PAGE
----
I failed on the Christmas-themed column. I am not big on poinsettias and I couldn’t think of anything new to say about Christmas trees. But New Year’s resolutions – these are different. If you are making garden resolutions, you may like to consider some of the following.
Lawns are a shocker when it comes to good environmental practice. There is nothing sustainable and healthy about most lawns but the vast majority of us have them for a variety of reasons. Don’t make the mistake of thinking that if you cut your lawn really short, it will mean you have to mow it less often. Not true. You stress the grass and open it up to weed invasions. Set the level on the lawnmower a little higher to keep a green sward. Good lawns invariably have longer grass.
Next time you buy a lawnmower, choose one that mulches the clippings. That way you don’t have to remove the clippings to get a tidy finish and if you are not removing the grass, then you don’t need to feed the lawn to keep it looking healthy. It reduces your inputs and therefore reduces both time and cost.
Be cautious about lawn sprays and read the label information carefully. We are not fans of lawn sprays at all here. Year in and year out, we field enquiries about plant damage which is attributable to spray drift from lawn sprays. If you are using a spray which has a six month withholding period before it is safe to use on food crops (and that is common), you may want to think again about how environmentally sound is your gardening practice. Putting it through the compost process will not make the clippings safe for use. It might even be time to move on from the Chemical Ali generation. We are going back to encouraging the clover here. It used to be popular in days gone by and it has many merits.
Mulch. Mulch well, but only after the soil is wet through. If you lay mulch on top of dry soil, it stays drier longer. The rains this week may have been a reprieve for those who missed getting mulch laid in spring. If you lay the mulch on top of relatively weed-free soils, it will save you a lot of work later because it should suppress many of the germinating weed seeds that lurk in all our soils.
While on the subject of weeds, if they really worry you (and they do worry most of us even though, as the old saying goes, a weed is merely a plant in the wrong place), remember the old adage that one year’s seeding gives rise to seven year’s weeding. It is best to weed before the plant sets seed if you want to save yourself work down the track. If you weed with the push hoe, you need to remove seed heads that have formed already. You can leave the rest of the plant to wither in the sun but the seed heads will just continue to ripen and then germinate.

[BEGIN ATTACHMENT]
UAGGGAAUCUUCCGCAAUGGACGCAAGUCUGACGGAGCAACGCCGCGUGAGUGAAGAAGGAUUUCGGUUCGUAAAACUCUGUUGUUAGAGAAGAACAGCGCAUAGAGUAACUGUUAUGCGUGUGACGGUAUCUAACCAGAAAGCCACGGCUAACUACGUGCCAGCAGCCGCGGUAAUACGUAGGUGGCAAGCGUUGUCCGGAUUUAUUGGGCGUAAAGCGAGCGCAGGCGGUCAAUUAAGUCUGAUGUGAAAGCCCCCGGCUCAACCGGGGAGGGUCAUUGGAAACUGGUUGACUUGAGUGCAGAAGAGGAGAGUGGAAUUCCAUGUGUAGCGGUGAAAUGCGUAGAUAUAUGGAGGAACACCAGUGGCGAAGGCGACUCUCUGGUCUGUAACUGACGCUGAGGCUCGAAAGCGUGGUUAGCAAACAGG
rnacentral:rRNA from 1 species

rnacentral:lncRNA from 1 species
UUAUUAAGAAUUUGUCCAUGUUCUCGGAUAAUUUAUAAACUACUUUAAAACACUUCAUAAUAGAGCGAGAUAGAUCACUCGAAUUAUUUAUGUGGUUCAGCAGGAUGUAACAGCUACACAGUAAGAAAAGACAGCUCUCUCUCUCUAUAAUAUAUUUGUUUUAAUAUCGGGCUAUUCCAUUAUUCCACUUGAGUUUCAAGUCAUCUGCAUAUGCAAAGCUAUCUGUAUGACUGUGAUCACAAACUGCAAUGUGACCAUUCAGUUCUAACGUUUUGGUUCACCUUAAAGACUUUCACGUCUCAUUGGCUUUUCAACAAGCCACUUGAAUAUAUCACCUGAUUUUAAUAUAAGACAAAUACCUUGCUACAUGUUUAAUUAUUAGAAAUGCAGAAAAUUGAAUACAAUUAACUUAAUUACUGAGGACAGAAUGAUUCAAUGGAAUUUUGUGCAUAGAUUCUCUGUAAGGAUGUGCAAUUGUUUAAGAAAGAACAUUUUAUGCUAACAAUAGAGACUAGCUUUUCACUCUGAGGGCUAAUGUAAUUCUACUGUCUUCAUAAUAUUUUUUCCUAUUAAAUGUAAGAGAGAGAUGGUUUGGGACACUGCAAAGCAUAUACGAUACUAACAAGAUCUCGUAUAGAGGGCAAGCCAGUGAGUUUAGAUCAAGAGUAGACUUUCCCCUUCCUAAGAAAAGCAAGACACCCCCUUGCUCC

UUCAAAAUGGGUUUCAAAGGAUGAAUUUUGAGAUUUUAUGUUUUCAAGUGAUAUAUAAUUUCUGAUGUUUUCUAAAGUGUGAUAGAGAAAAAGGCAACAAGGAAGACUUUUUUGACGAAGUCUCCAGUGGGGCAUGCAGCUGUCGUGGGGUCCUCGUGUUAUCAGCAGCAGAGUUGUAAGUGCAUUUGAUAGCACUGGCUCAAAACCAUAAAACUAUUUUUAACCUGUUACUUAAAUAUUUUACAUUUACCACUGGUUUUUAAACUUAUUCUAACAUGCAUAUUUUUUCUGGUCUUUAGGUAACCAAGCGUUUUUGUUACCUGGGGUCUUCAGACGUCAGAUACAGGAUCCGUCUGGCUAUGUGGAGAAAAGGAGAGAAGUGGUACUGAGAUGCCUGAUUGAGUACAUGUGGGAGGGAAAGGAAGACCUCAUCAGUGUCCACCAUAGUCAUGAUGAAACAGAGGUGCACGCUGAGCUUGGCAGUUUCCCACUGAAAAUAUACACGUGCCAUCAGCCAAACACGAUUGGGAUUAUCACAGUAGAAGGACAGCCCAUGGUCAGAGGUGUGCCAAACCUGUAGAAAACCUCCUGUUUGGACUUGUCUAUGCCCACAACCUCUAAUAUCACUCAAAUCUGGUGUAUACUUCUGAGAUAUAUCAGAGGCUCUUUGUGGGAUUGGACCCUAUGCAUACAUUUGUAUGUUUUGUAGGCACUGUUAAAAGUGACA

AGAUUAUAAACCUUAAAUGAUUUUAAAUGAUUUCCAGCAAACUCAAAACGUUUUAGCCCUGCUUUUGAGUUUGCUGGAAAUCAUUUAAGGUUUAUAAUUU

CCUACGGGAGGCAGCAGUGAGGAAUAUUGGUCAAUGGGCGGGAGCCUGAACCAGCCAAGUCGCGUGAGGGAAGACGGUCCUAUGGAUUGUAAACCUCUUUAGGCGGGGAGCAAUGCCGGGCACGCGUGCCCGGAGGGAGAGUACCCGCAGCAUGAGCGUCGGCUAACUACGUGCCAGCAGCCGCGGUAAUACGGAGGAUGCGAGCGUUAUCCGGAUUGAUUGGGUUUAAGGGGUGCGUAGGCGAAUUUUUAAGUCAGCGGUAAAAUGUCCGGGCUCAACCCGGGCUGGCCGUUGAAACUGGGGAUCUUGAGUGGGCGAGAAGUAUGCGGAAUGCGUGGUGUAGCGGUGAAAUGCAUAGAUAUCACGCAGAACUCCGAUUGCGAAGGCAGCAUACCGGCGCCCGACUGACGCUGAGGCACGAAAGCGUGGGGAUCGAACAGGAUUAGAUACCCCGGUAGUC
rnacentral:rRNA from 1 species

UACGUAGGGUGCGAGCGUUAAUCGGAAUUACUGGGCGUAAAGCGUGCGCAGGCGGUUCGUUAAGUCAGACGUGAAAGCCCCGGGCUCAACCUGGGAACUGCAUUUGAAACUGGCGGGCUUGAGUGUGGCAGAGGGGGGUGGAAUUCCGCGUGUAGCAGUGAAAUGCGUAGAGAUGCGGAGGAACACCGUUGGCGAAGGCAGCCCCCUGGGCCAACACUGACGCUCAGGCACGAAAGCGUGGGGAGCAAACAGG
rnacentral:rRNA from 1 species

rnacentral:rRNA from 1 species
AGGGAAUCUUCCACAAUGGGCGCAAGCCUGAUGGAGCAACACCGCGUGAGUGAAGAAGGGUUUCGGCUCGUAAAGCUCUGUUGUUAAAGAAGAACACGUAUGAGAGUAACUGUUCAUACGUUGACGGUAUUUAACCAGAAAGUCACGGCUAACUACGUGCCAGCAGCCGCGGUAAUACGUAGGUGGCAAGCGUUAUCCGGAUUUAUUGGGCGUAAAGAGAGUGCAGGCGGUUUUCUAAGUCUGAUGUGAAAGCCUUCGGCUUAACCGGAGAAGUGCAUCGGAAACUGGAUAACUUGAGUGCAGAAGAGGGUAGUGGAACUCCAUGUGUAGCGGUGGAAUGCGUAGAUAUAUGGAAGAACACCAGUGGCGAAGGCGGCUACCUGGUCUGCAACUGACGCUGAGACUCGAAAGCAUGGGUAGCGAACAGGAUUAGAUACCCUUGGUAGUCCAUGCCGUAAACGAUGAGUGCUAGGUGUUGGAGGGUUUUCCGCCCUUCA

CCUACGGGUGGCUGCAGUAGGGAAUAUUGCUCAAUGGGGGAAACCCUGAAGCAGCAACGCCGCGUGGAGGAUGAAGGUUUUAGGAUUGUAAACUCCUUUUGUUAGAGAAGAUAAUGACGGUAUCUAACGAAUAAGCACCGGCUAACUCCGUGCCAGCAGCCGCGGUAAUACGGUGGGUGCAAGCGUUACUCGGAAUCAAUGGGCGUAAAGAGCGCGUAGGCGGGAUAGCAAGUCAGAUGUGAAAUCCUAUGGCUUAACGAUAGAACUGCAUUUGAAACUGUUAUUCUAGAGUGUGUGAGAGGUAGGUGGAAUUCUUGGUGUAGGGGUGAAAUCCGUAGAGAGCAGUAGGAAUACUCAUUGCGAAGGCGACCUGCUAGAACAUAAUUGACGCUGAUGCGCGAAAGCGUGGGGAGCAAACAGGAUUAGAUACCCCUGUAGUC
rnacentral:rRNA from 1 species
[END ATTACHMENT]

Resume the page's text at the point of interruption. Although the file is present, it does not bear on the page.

Grow plants with flowers for the bees. This means any flowers with visible stamens and pollen. We all know the bees are under deep stress, here in New Zealand as well as the rest of the world. We need the bees for pollination even more than honey. Every gardener’s contribution counts and collectively, we can make a difference to their food supplies. Fortunately, most of us have moved on from the austerity of the 1990s minimalist garden which contributed a big fat zero to the natural environment.
I am of the view that gardening should be two things above all else. It should be a pleasure. At its best, it can make your heart sing at the beauty. At a more mundane level, it can be quietly satisfying. If you get neither pleasure nor satisfaction from your garden, if it is all a great, big, tedious chore then review what you have and what you are doing.
If you really don’t enjoy gardening, then keep it very simple. It is much easier to maintain, especially if you can’t afford to pay someone to come and do it for you. If all you have to do is maintain edges, sweep paved areas, mow the lawns and do a seasonal round of tightly defined garden beds in order to keep it looking tidy, then it becomes more manageable for the reluctant gardener. Alternatively, move to an upper floor apartment.
Secondly, I think we should be gardening WITH nature, not in spite of it. Gardening shouldn’t be about imposing human will over nature, controlling and suppressing it, establishing dominance. Too much gardening practice is an imposition on the landscape, a battle with nature. Happy gardeners are often those who have managed to carve out a more constructive relationship with the natural world.
On which note, I wish readers a happy gardening year in 2014.
First published in the Waikato Times and reprinted here with their permission.